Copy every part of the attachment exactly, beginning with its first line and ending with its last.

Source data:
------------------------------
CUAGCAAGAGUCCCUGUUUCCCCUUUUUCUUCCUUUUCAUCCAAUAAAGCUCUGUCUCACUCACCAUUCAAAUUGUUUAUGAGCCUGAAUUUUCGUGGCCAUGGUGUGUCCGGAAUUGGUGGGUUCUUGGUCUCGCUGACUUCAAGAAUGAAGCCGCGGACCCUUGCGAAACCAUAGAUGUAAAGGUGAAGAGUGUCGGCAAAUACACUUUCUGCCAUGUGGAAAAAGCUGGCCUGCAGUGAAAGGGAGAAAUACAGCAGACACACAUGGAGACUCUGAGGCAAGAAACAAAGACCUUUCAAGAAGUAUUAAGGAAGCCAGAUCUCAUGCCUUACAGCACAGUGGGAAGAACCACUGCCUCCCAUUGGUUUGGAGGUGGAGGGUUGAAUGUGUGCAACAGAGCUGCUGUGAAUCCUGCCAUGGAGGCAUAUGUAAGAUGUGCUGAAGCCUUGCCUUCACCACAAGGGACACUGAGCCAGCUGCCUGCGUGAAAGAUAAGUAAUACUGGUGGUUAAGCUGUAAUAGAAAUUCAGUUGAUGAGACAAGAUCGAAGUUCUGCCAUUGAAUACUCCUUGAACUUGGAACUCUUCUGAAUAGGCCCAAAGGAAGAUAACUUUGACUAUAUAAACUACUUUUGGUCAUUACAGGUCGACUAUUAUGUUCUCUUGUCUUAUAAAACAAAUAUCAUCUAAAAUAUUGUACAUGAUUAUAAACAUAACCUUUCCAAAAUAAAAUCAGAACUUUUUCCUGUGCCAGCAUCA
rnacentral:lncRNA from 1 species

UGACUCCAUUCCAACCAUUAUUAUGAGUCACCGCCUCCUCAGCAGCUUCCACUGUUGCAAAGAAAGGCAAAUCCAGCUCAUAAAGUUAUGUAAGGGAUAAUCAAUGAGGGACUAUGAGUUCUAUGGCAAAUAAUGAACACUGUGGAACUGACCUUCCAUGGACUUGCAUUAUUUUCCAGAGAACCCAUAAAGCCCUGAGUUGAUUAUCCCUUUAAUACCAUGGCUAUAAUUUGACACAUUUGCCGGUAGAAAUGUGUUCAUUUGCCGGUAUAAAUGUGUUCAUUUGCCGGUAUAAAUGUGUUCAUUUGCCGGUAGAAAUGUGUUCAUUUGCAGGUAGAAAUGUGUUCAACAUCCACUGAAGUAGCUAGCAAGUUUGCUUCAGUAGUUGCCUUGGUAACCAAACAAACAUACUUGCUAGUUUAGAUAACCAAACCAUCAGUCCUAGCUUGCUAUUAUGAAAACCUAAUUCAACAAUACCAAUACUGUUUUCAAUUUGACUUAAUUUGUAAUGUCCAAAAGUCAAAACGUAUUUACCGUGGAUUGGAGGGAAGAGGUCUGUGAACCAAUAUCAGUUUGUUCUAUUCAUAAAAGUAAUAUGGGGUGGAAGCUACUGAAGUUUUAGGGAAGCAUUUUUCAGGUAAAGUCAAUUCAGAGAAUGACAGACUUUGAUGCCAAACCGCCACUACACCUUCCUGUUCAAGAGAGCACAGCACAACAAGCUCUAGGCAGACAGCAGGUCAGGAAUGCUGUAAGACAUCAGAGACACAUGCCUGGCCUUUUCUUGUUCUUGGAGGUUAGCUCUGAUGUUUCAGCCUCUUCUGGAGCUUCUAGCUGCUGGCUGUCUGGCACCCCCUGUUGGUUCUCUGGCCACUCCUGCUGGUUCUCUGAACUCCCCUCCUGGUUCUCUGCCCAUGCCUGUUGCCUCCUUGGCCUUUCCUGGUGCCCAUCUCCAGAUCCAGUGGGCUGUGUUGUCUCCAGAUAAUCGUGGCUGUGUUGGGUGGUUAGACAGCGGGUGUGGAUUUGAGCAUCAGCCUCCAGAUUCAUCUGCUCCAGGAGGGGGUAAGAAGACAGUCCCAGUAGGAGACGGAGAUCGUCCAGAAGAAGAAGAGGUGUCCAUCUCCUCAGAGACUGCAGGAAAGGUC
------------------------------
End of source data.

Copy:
CUAGCAAGAGUCCCUGUUUCCCCUUUUUCUUCCUUUUCAUCCAAUAAAGCUCUGUCUCACUCACCAUUCAAAUUGUUUAUGAGCCUGAAUUUUCGUGGCCAUGGUGUGUCCGGAAUUGGUGGGUUCUUGGUCUCGCUGACUUCAAGAAUGAAGCCGCGGACCCUUGCGAAACCAUAGAUGUAAAGGUGAAGAGUGUCGGCAAAUACACUUUCUGCCAUGUGGAAAAAGCUGGCCUGCAGUGAAAGGGAGAAAUACAGCAGACACACAUGGAGACUCUGAGGCAAGAAACAAAGACCUUUCAAGAAGUAUUAAGGAAGCCAGAUCUCAUGCCUUACAGCACAGUGGGAAGAACCACUGCCUCCCAUUGGUUUGGAGGUGGAGGGUUGAAUGUGUGCAACAGAGCUGCUGUGAAUCCUGCCAUGGAGGCAUAUGUAAGAUGUGCUGAAGCCUUGCCUUCACCACAAGGGACACUGAGCCAGCUGCCUGCGUGAAAGAUAAGUAAUACUGGUGGUUAAGCUGUAAUAGAAAUUCAGUUGAUGAGACAAGAUCGAAGUUCUGCCAUUGAAUACUCCUUGAACUUGGAACUCUUCUGAAUAGGCCCAAAGGAAGAUAACUUUGACUAUAUAAACUACUUUUGGUCAUUACAGGUCGACUAUUAUGUUCUCUUGUCUUAUAAAACAAAUAUCAUCUAAAAUAUUGUACAUGAUUAUAAACAUAACCUUUCCAAAAUAAAAUCAGAACUUUUUCCUGUGCCAGCAUCA
rnacentral:lncRNA from 1 species

UGACUCCAUUCCAACCAUUAUUAUGAGUCACCGCCUCCUCAGCAGCUUCCACUGUUGCAAAGAAAGGCAAAUCCAGCUCAUAAAGUUAUGUAAGGGAUAAUCAAUGAGGGACUAUGAGUUCUAUGGCAAAUAAUGAACACUGUGGAACUGACCUUCCAUGGACUUGCAUUAUUUUCCAGAGAACCCAUAAAGCCCUGAGUUGAUUAUCCCUUUAAUACCAUGGCUAUAAUUUGACACAUUUGCCGGUAGAAAUGUGUUCAUUUGCCGGUAUAAAUGUGUUCAUUUGCCGGUAUAAAUGUGUUCAUUUGCCGGUAGAAAUGUGUUCAUUUGCAGGUAGAAAUGUGUUCAACAUCCACUGAAGUAGCUAGCAAGUUUGCUUCAGUAGUUGCCUUGGUAACCAAACAAACAUACUUGCUAGUUUAGAUAACCAAACCAUCAGUCCUAGCUUGCUAUUAUGAAAACCUAAUUCAACAAUACCAAUACUGUUUUCAAUUUGACUUAAUUUGUAAUGUCCAAAAGUCAAAACGUAUUUACCGUGGAUUGGAGGGAAGAGGUCUGUGAACCAAUAUCAGUUUGUUCUAUUCAUAAAAGUAAUAUGGGGUGGAAGCUACUGAAGUUUUAGGGAAGCAUUUUUCAGGUAAAGUCAAUUCAGAGAAUGACAGACUUUGAUGCCAAACCGCCACUACACCUUCCUGUUCAAGAGAGCACAGCACAACAAGCUCUAGGCAGACAGCAGGUCAGGAAUGCUGUAAGACAUCAGAGACACAUGCCUGGCCUUUUCUUGUUCUUGGAGGUUAGCUCUGAUGUUUCAGCCUCUUCUGGAGCUUCUAGCUGCUGGCUGUCUGGCACCCCCUGUUGGUUCUCUGGCCACUCCUGCUGGUUCUCUGAACUCCCCUCCUGGUUCUCUGCCCAUGCCUGUUGCCUCCUUGGCCUUUCCUGGUGCCCAUCUCCAGAUCCAGUGGGCUGUGUUGUCUCCAGAUAAUCGUGGCUGUGUUGGGUGGUUAGACAGCGGGUGUGGAUUUGAGCAUCAGCCUCCAGAUUCAUCUGCUCCAGGAGGGGGUAAGAAGACAGUCCCAGUAGGAGACGGAGAUCGUCCAGAAGAAGAAGAGGUGUCCAUCUCCUCAGAGACUGCAGGAAAGGUC